While there are incentives to help businesses, some construction firms say it is not sufficient to fully offset the increase in foreign worker levies.

The Singapore Contractors Association warns that the move will drive up cost and the manpower crunch could result in project delays.

Construction demand is expected to remain strong in the coming years, with a steady pipeline of infrastructure developments ahead, including housing and MRT projects.

But the Singapore Contractors Association says the industry may not be able to cope with more projects amid labour shortage.

It could even put some small contractors out of business and the association estimated that at least 10 per cent of firms in the industry are struggling.

It adds that the move to increase foreign worker levies in 2014 and 2015, coupled with more expensive raw materials, will increase cost further.

Industry players say construction cost has risen by 5 to 10 per cent in recent years. The construction industry currently hires some 270,000 foreign workers.

Dr Ho Nyok Yong, president of Singapore Contractors Association, said: "For projects already secured, normally projects will last two, three years; some of the bigger ones will last four, five years. For those projects, we didn't count in the extra levies, so we will incur extra cost. All the contractors' profit margins will get eroded - now it is a very competitive market."

Meanwhile, Lian Beng Construction expects about a third of its projects to be affected by the tighter foreign worker policies.

Lian Beng employs about 600 foreign workers at 14 of its work sites.

As a result of the manpower crunch, Lian Beng says it will be more selective when it comes to taking on new projects, favouring those with better margins.

The firm has taken steps to raise productivity, but it says the government can also help, including easing queue times at the dumping ground in Changi, where excavated materials from construction sites are disposed of.

Jeffrey Teo, construction director at Lian Beng Construction, said: "We only have one for the whole private sector, the queueing time can be as good as three hours. My poor drivers have to wait for three hours. Out of eight trips previously, now they can only do three or four trips."

Meanwhile, some operators in the services industry are taking the cut in dependency ratio ceiling in their stride.

Sakae Holdings, for instance, will install a new "self-serve second-tier belt" at all its 50 dining outlets in Singapore to cut manpower needs.

The new system, which costs about S$250,000, will deliver customers' orders to their table. 

In 1999, the restaurant chain introduced the interactive menu at its outlets, which resulted in a 30 per cent reduction in headcount.

Douglas Foo, CEO of Sakae Holdings, said: "We utilised the interactive menu because we foresee that in a developed economies, this will be a real challenge.

"Singapore, having gone through various phases, has come to the phase where we need to change some business models, on how we are going to approach or run a business. When we go and dine in a restaurant, there may be changes. For example, in Japan, you have to do a lot of things by yourself."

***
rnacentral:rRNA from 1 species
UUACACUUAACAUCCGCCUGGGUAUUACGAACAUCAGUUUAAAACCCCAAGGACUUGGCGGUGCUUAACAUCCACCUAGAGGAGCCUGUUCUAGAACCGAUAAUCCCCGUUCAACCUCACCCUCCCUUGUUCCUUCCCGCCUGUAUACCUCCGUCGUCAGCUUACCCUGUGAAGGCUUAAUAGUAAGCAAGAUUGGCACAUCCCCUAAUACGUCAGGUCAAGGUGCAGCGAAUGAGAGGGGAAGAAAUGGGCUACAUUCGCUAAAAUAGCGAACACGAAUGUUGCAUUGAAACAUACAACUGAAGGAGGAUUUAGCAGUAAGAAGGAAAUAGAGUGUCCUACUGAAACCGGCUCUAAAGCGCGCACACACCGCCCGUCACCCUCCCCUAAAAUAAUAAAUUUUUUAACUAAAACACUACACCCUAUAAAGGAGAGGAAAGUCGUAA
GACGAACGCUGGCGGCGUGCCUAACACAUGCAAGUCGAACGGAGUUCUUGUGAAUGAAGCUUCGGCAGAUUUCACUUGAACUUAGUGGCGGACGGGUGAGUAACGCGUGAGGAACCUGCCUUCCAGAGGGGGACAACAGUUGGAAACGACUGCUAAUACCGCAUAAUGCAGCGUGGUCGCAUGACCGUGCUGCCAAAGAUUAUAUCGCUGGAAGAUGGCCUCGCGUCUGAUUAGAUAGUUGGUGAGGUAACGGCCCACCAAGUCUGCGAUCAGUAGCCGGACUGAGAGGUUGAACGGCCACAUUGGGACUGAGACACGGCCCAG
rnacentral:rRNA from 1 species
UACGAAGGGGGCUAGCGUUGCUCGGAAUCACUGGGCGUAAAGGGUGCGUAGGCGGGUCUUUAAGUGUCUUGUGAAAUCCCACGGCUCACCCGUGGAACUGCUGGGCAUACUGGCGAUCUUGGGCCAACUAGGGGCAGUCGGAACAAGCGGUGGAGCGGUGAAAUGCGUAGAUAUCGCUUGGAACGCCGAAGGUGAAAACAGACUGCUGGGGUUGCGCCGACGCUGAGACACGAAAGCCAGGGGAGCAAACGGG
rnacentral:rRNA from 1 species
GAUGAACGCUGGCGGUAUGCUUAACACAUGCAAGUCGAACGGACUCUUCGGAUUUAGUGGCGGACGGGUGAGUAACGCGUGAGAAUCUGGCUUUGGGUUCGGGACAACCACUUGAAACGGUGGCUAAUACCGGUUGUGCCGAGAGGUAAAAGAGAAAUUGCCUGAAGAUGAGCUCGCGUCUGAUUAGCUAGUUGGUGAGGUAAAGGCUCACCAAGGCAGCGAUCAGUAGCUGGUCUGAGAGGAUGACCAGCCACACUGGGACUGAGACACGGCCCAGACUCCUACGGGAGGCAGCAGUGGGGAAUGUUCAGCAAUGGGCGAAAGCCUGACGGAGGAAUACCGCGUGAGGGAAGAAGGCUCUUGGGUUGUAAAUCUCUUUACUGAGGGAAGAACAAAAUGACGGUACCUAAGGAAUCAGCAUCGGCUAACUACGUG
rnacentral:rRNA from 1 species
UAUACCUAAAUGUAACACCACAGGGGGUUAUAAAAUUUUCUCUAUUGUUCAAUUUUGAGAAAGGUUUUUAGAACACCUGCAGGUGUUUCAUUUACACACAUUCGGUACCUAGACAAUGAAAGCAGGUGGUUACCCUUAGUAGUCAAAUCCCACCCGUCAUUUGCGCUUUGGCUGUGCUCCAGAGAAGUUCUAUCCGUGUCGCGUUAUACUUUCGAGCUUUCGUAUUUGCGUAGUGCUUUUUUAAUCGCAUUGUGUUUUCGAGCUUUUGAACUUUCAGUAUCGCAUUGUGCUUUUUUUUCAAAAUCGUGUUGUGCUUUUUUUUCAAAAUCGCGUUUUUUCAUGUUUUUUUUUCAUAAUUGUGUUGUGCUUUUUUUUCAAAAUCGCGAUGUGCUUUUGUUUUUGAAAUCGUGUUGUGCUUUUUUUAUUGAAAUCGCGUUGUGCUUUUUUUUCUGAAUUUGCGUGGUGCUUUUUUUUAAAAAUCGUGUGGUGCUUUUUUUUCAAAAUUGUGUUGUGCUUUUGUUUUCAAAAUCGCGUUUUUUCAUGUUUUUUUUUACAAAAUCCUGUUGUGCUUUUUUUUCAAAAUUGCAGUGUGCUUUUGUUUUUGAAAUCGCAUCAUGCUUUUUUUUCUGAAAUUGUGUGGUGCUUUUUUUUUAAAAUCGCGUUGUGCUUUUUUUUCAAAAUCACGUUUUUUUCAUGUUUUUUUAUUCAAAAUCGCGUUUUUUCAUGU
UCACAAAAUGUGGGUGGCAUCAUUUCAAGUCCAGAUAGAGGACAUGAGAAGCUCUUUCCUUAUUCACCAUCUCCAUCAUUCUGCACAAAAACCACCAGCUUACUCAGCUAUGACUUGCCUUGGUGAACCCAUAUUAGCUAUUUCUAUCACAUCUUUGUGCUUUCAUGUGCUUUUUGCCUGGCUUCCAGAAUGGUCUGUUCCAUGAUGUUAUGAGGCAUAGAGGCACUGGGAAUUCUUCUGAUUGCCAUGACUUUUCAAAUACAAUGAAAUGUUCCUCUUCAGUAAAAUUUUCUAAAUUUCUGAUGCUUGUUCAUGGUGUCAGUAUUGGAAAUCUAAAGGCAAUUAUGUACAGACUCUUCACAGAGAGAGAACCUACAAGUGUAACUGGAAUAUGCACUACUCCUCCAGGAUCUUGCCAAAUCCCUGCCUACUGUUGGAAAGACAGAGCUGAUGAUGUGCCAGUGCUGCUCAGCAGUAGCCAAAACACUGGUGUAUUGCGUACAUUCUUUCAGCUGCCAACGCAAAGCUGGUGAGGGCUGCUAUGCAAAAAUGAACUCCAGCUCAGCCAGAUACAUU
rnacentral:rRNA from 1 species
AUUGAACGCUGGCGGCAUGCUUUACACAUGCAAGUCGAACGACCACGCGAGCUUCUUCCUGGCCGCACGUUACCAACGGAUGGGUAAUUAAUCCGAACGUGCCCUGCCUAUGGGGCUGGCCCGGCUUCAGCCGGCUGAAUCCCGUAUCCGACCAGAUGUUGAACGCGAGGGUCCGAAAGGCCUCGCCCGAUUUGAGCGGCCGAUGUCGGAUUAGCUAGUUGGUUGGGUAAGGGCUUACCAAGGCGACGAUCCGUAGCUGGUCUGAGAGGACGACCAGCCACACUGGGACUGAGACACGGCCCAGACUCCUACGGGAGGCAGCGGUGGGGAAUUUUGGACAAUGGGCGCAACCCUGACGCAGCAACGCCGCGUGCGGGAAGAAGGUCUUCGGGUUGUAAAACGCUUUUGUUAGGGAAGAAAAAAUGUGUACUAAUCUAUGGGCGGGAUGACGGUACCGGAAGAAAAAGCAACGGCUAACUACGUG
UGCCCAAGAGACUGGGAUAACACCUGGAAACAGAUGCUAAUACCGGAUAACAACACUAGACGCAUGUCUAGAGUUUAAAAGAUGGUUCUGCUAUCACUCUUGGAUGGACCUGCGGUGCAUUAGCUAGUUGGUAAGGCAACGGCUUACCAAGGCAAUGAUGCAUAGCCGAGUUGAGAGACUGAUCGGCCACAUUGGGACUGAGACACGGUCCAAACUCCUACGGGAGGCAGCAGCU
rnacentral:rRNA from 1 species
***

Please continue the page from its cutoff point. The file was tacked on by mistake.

Industry players say other ways to boost productivity in the food and beverage sector include redesigning jobs, encouraging staff to multi-task, as well as streamlining kitchen functions and work processes.





Squeeze on 70,000 mid-skilled foreigners
About one in two S Pass holders will be affected by new approval system
By Janice Heng, The Straits Times, 28 Feb 2013

ABOUT 70,000 foreign workers are at risk of not having their S Passes renewed when they expire.

This is because a new tiered system for approving S Passes is being introduced, which stipulates more experienced pass holders have to be employed at higher pay to continue working here.

The policy, said experts, is aimed at levelling the playing field for Singaporean workers, who may be losing out to foreign counterparts with the same qualifications and experience because the latter command lower pay.

The Ministry of Manpower (MOM) said about one in two S Pass holders will be affected by the new system.

There were 142,400 S Pass holders here as at the end of last year. S Pass holders are mid- skilled foreign workers who earn at least $2,000 a month. This will be raised to $2,200 from July.

The new tiered system will also kick in from the same date.

Older applicants who have better qualifications and more years of experience will now need to be employed at higher minimum pay in order to secure their S Passes.

Exactly how much higher will, however, not be known because MOM will not be giving details of these salary tiers.

The ministry said the tougher requirements are meant to "level the playing field for locals" and encourage employers to bring in "higher calibre S Pass holders".

Mr Zainudin Nordin, who chairs the Government Parliamentary Committee for Manpower, said it is about making firms pay the true value of S Pass holders, and "to be fair to our locals".

Employers told The Straits Times yesterday that the changes will force them to relook the pay of their mid-skilled foreign workers. Some prefer to hold on to experienced S Pass holders instead of finding local replacements, and would raise pay if need be.

Many such workers at construction firm HSL Constructor already earn $2,400 to $2,500, which managing director Lim Choo Leng hopes will be high enough for their passes to be safe.

But he is open to raising their pay, adding: "We are so short of people already. If they are good, we will try to keep them."

The story is similar in the food and beverage industry, where S Pass holders tend to be managers.

As many firms there hire experienced S Pass workers at low salaries, "a large jump" in pay might be needed just to keep them, said Fish & Co deputy managing director Hoo Hoe Keat.

Bringing in young foreigners on minimum S Pass pay is not preferred, as they will have to be trained from scratch, he added.

OCBC economist Selena Ling expects the "wage shock" to be significant, especially for industries where local replacements are hard to get.

Bosses said they hoped for more clarity on the salary tiers. Though the MOM is unlikely to set out explicit criteria, its online Self Assessment Tool will be updated in a few months, letting bosses assess the eligibility of workers under the new criteria.

Uncertainty, however, is no stranger to S Pass holders such as Ms Luningning Estabillo, 32.

The Filipino assistant restaurant manager at Fish & Co had her S Pass renewed last month, but some of her friends have not been as lucky. Some on three-year contracts could not get a renewal after the two-year term. "You're thinking you still have one more year to work, but then you have to go home, unprepared," she said.